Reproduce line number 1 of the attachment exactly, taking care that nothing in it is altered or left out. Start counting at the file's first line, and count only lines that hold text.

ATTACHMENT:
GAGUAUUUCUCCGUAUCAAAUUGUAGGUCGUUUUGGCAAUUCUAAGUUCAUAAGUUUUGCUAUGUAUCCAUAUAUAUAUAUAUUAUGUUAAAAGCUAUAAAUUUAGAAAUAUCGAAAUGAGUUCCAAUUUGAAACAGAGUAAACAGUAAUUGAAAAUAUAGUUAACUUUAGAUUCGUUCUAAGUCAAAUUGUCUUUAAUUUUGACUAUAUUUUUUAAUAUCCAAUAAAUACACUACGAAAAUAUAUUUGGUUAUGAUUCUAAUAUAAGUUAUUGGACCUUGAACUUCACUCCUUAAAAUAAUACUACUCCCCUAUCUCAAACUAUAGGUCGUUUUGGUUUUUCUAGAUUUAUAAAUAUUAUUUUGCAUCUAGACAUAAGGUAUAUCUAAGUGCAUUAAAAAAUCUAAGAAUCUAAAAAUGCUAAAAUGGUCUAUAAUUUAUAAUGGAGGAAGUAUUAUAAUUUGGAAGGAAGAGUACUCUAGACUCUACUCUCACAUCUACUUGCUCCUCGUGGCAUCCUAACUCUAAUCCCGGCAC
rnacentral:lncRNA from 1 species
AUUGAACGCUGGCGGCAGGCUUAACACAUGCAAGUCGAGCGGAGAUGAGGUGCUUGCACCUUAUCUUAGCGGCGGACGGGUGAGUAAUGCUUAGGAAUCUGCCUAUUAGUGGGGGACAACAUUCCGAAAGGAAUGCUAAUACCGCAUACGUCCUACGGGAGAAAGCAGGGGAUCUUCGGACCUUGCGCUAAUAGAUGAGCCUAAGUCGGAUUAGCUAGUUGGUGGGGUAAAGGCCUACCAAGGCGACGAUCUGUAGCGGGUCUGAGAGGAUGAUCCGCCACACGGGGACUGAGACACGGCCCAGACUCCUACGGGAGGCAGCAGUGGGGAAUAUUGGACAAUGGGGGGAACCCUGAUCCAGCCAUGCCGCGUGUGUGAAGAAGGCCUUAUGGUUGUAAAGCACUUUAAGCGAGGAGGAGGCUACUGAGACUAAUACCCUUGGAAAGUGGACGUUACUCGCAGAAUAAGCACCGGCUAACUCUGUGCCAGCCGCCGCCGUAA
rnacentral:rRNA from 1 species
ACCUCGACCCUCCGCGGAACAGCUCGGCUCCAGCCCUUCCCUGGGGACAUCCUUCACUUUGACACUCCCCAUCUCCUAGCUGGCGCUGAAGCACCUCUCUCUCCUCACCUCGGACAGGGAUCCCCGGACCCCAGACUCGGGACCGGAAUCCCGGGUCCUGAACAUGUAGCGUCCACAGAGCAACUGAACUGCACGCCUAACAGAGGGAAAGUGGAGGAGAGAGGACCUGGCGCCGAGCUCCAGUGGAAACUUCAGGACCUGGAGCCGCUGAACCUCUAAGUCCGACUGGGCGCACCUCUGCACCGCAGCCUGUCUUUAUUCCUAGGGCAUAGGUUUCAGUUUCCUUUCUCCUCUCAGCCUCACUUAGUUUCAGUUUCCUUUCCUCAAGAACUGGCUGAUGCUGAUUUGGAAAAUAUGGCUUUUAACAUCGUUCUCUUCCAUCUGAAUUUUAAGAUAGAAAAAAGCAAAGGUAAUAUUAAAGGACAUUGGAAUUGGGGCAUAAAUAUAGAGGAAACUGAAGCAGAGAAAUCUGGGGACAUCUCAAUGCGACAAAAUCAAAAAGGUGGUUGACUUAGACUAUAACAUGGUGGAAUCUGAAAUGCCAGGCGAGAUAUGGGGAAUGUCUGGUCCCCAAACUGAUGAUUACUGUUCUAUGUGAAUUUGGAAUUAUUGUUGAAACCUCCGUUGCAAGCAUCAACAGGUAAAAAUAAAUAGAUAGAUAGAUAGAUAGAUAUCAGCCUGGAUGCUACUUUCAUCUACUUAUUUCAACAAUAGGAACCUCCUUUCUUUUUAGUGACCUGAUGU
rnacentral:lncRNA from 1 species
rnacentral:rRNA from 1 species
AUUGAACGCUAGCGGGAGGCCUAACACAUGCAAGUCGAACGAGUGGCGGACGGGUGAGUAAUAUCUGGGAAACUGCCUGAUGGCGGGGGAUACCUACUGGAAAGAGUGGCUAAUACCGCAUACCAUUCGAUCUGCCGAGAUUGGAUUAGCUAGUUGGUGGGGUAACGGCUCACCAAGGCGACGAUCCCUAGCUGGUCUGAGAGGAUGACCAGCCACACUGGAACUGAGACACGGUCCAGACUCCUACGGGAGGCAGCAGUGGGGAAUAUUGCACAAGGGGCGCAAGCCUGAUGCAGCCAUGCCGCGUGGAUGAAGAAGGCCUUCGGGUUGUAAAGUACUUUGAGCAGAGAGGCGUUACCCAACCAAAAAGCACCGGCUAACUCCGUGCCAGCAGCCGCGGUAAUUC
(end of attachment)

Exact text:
GAGUAUUUCUCCGUAUCAAAUUGUAGGUCGUUUUGGCAAUUCUAAGUUCAUAAGUUUUGCUAUGUAUCCAUAUAUAUAUAUAUUAUGUUAAAAGCUAUAAAUUUAGAAAUAUCGAAAUGAGUUCCAAUUUGAAACAGAGUAAACAGUAAUUGAAAAUAUAGUUAACUUUAGAUUCGUUCUAAGUCAAAUUGUCUUUAAUUUUGACUAUAUUUUUUAAUAUCCAAUAAAUACACUACGAAAAUAUAUUUGGUUAUGAUUCUAAUAUAAGUUAUUGGACCUUGAACUUCACUCCUUAAAAUAAUACUACUCCCCUAUCUCAAACUAUAGGUCGUUUUGGUUUUUCUAGAUUUAUAAAUAUUAUUUUGCAUCUAGACAUAAGGUAUAUCUAAGUGCAUUAAAAAAUCUAAGAAUCUAAAAAUGCUAAAAUGGUCUAUAAUUUAUAAUGGAGGAAGUAUUAUAAUUUGGAAGGAAGAGUACUCUAGACUCUACUCUCACAUCUACUUGCUCCUCGUGGCAUCCUAACUCUAAUCCCGGCAC